TAMPA, Fla. (WFLA) — State Emergency Management Director Jared Moskowitz, who has helped lead Florida’s response to the coronavirus pandemic and other disasters, is stepping down from his role with the state.
Moskowitz confirmed his departure to Cap News Service reporter Mike Vasilinda on Monday. He later tweeted that his departure was so he could “hit the pause button to be with family.”
“I am reminded on the third anniversary of the [Stoneman Douglas] school shooting in my hometown, along with this pandemic that tomorrow is not guaranteed,” he wrote, adding that, “I’ll be back.”
DeSantis addressed Moskowitz’ departure during a news conference Monday afternoon, praising the work he has done in the department. The governor also acknowledged that the outgoing director’s distance from his family was difficult.
“His family’s almost a world away in some respects. When you’re in Florida, many of you know, Tallahassee down to Broward – it’s not like you can just hop on a plane all the time and get down there. It’s a long drive and it weighs,” DeSantis said. “So he’s done well by us. I told him, I said, ‘they should really make you FEMA director’ and maybe they will do that some day.”
DeSantis said Deputy Director Kevin Guthrie will take his spot “when Jared is ready to move on.” Guthrie previously served as the Director of Emergency Management in Pasco County.
Moskowitz did not give an exact timeline for his departure, but said it “won’t be imminent,” and that there would be a “gradual transition.”
Moskowitz was appointed as Director of Florida’s Division of Emergency Management by Gov. DeSantis in Jan. 2019 and has led the state’s response to COVID-19, hurricanes Dorian, Isaias, Laura and Sally, among other disasters. He previously served in the Florida House of Representatives, representing the Coral Springs area in northern Broward County, from 2012 to 2019.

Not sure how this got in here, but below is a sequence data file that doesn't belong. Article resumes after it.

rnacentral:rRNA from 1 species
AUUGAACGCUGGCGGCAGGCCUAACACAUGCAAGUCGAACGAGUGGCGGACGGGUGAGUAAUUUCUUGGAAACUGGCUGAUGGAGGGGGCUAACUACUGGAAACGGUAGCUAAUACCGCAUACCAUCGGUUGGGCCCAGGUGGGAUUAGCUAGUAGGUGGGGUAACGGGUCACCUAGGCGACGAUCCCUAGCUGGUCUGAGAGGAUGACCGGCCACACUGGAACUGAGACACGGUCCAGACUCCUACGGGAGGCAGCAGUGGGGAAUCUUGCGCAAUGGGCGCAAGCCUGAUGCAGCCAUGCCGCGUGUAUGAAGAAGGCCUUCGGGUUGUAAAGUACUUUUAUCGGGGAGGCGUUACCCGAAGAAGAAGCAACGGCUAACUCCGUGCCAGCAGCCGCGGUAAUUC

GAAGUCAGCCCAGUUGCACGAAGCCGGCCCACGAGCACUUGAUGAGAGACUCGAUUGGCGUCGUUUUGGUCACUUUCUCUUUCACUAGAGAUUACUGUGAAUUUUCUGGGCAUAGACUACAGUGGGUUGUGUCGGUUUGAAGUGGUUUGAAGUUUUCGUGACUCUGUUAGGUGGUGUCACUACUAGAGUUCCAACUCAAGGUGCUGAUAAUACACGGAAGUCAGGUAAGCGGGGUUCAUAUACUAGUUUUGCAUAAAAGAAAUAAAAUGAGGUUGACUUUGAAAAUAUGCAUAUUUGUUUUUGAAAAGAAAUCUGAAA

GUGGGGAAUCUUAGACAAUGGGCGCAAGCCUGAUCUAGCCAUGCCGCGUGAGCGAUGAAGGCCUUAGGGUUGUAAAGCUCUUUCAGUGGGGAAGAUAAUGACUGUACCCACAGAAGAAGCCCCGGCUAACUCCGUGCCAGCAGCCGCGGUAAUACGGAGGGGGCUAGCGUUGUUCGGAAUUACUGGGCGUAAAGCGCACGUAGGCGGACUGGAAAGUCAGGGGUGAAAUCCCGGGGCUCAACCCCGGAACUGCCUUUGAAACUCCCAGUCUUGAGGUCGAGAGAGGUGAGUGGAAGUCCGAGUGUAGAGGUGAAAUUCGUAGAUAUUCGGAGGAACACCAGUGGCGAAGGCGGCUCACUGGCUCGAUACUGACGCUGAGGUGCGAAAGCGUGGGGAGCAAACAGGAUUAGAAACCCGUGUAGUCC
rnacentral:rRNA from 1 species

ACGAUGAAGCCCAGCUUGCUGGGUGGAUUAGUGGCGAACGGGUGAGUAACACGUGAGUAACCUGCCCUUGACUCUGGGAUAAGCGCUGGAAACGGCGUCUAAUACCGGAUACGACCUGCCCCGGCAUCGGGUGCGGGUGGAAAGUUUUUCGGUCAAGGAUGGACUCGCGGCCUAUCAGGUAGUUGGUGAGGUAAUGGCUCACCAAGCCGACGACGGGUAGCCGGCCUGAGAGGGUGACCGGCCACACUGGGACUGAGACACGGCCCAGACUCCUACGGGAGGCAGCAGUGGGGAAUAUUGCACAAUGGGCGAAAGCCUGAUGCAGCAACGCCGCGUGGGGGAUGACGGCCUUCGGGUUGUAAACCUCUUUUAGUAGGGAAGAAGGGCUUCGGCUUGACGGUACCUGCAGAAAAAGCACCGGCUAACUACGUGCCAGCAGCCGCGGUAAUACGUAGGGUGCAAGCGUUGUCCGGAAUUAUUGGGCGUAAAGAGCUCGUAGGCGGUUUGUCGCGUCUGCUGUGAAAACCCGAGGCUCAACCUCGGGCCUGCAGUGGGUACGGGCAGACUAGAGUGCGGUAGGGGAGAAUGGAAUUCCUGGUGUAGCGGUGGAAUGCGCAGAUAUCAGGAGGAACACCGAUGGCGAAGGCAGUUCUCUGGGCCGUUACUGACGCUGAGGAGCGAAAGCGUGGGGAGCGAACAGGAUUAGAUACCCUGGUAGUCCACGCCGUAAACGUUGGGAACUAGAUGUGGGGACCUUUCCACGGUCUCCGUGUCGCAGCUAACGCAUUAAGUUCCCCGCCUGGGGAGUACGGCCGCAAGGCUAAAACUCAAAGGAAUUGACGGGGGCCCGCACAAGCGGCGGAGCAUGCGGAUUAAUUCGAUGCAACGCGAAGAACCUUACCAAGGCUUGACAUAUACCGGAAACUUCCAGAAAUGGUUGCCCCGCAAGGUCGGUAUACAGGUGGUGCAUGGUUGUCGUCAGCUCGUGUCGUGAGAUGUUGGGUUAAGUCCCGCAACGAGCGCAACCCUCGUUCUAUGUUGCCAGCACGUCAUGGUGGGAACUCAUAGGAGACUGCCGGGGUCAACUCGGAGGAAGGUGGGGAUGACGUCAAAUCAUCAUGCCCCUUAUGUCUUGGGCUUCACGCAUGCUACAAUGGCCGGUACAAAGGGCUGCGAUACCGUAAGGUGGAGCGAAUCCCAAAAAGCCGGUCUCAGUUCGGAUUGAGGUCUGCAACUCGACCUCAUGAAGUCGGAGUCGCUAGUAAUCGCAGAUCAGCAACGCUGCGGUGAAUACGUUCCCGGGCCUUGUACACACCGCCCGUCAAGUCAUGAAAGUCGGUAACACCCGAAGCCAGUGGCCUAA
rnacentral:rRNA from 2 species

His tenure ends two months into the state’s vaccine rollout.
Moskowitz made headlines last month for defending Florida’s vaccine rollout after the White House said half of the state’s allotted vaccine supply was being unused.
“I will note, cause we’re data first, facts first here, that they’ve only distributed about 50% of the vaccines that they have been given in Florida. So clearly they have a good deal of the vaccine, that supply will need to continue to increase as they are able to effectively reach people across the state,” said White House Press Secretary Jenn Psaki.
“At the end of the day, this allocation game, they know it’s a supply issue. Every state knows it’s a supply issue. You know it’s a supply issue,” Moskowitz said. “We could turn on every pharmacy in the state if we had the doses.”